Adley Rutschman pauses for a few seconds, smiles, and then offers a contemplative response about what it means to be one of the most prized prospects in the history of the Baltimore Orioles.
Rutschman does not appear to be weighed down by the lofty expectations surrounding him, and he’s managed to stay focused on becoming a better baseball player.
That’s a scary thought for those competing against the Orioles in the future.
“I try to keep everything in perspective and just understand how blessed I am as an individual to be able to play this game and to be able to play for fans and friends and family who support me in a loving way,” Rutschman said. “So I think that always allows me to enjoy every single day and enjoy the process and the grind of being able to play baseball and do something I love.”
Rutschman, 23, was the No. 1 overall pick in the 2019 MLB Draft, but his rise through the minor-league system has been somewhat sidetracked by COVID-19, which shut down sports across the globe last year. He will make his debut with Double-A Bowie May 4 when the Baysox visit Altoona for their regular-season opener.
Overall, Rutschman has played in 37 professional games at Gulf Coast, Aberdeen, and Delmarva, slashing a combined .254/.351/.423 with four home runs and 26 RBIs. He’s shown his prowess behind the plate while working with the club’s prized pitching prospects.
Bowie manager Buck Britton, brother of former Orioles closer Zack Britton, has been impressed by Rutschman’s work ethic.
“There’s a lot of pressure on those guys, obviously,” Britton said of highly-touted prospects like Rutschman. “I think Adley knows that. This is a guy who works harder than anybody I’ve seen, especially somebody who’s been picked that high. A lot of times you’ve got to tell Adley to pump the brakes a little bit and slow him down. But this guy’s a worker and he’s just a natural-born leader. And I’m really excited to see him go through a season.”
Rutschman is the No. 2 overall prospect in MLB behind Wander Franco, a shortstop in the Tampa Bay Rays’ organization, according to MLB Pipeline. Rutschman was the consensus No. 1 prospect in the 2019 MLB Draft after batting .352 with 72 extra-base hits, 174 RBIs, and a 1.032 OPS during 185 games at Oregon State from 2017-2019.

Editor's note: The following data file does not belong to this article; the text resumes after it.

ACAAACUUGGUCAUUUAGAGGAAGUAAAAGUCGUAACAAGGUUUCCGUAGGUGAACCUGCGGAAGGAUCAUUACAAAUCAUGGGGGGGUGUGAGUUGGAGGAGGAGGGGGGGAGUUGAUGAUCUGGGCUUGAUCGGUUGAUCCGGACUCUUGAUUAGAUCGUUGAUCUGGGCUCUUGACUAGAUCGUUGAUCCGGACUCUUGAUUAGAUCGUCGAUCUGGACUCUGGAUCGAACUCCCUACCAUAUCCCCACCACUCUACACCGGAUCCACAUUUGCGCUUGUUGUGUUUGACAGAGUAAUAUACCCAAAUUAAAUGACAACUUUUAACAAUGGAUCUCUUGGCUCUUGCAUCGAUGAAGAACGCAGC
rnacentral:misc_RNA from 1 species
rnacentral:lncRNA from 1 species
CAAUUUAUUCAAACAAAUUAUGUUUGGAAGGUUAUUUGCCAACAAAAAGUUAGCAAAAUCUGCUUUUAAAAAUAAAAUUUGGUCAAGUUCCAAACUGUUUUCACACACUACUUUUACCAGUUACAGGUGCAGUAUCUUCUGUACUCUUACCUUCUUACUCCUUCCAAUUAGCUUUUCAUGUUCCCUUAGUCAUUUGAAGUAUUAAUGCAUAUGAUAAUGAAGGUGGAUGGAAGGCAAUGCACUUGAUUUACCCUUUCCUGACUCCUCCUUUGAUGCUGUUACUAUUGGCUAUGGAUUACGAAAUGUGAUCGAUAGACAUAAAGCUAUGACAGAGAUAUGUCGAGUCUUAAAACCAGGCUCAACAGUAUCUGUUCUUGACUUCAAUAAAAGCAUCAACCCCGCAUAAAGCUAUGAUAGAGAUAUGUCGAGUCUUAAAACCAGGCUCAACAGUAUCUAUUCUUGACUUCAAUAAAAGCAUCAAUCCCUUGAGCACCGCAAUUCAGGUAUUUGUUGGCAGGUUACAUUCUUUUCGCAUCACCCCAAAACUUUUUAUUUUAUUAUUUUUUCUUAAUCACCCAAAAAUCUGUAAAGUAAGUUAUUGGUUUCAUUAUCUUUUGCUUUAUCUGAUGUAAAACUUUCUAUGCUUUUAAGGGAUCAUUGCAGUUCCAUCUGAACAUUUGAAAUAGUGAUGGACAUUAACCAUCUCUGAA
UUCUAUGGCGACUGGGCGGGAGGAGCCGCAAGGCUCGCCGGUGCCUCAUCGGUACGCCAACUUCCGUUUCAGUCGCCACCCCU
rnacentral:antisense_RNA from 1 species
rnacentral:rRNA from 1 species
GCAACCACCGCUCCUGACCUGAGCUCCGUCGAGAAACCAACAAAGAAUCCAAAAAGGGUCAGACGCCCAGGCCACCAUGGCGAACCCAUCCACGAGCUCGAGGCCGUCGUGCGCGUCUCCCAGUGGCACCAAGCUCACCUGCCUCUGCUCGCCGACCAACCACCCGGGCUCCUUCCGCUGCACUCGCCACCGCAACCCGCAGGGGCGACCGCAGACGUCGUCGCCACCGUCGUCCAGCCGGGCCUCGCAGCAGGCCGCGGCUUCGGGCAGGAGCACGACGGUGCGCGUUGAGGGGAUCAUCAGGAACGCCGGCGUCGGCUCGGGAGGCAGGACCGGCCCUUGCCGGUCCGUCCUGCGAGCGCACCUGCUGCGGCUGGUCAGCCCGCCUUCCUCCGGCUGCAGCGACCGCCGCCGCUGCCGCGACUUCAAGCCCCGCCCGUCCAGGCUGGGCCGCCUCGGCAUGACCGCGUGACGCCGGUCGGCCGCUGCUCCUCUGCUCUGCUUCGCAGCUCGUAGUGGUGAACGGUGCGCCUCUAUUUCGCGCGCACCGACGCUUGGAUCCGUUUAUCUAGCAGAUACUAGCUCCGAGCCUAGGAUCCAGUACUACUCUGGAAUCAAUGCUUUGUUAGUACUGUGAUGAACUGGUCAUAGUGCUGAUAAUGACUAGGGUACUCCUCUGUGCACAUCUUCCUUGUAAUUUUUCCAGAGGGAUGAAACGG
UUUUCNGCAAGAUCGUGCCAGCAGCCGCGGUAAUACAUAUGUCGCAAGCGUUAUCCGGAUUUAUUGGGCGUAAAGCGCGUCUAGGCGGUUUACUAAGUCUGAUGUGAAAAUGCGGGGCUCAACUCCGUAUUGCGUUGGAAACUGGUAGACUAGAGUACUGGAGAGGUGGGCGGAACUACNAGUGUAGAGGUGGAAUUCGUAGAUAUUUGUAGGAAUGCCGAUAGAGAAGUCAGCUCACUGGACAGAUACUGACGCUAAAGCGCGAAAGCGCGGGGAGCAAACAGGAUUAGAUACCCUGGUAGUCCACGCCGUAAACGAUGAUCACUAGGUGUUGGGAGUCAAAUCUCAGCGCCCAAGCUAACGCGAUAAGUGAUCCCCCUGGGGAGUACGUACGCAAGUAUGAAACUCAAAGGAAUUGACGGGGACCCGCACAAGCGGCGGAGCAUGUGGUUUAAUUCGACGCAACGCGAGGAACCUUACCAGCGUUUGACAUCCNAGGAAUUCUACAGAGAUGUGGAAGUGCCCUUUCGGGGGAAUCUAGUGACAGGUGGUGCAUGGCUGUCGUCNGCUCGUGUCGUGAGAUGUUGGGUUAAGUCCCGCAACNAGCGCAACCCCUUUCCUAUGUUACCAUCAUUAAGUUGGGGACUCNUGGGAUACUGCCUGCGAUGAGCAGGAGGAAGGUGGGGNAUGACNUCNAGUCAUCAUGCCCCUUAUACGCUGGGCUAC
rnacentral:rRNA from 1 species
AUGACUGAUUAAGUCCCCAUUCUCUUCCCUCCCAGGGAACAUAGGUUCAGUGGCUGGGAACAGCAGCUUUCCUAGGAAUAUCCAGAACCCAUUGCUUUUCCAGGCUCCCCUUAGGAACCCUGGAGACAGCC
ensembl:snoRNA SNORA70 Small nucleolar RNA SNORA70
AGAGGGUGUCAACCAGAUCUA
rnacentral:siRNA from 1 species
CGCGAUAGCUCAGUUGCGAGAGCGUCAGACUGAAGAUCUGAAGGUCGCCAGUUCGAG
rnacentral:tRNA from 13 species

As for now, Rutschman is focused on being the best teammate possible at Bowie.
“I think more than anything, baseball is bigger than just a game,” Rutschman. “I think people value how you treat them more than how good a baseball player you are in the long run, and that’s something I try to keep in mind every single day.
He’s also focusing on getting better each and every day with the Baysox.
“… There’s always going to be expectations and for me, I just have to be able to control what I can control, and other people’s expectations don’t really fall into that category,” Rutschman said. “That’s kind of how I’ve always treated it. It seems to have worked out so far. I know that if I continue to set goals and expectations for myself that everything else should just fall in line.”
Britton shares the excitement of Orioles fans to see Rutschman perform. There should be a buzz surrounding Prince George’s Stadium when the Baysox open their home schedule May 11 against Reading.
“I had a chance to see him at the alternate site [last summer],” Britton said. “Obviously, his ability jumps off the chart, both offensively and behind the plate, so I think it’s just a matter of kind of getting him into games, into the professional atmosphere because he didn’t play much after being drafted and obviously he didn’t play any games per se last year. I’m excited to see this guy when the lights go on, but he’s got a chance to be a really, really exciting player for the Orioles for a long time.”
Orioles rookie left-hander Bruce Zimmermann was optioned to the alternate site prior to the club’s May 3 game in Seattle.
Zimmermann is 1-3 with a 5.40 ERA and 1.63 WHIP in six starts. He has not managed to pitch into the sixth inning in any of his last three appearances.
The move underscores how the Orioles are managing their young pitching prospects. Last month, Dean Kremer was sent to the alternate training site because the team had a rare two-off-day week looming.
In a corresponding move, reliever Isaac Mattson was promoted to the major-league club.
Photo Credit: Eric Nalpas/Baltimore Orioles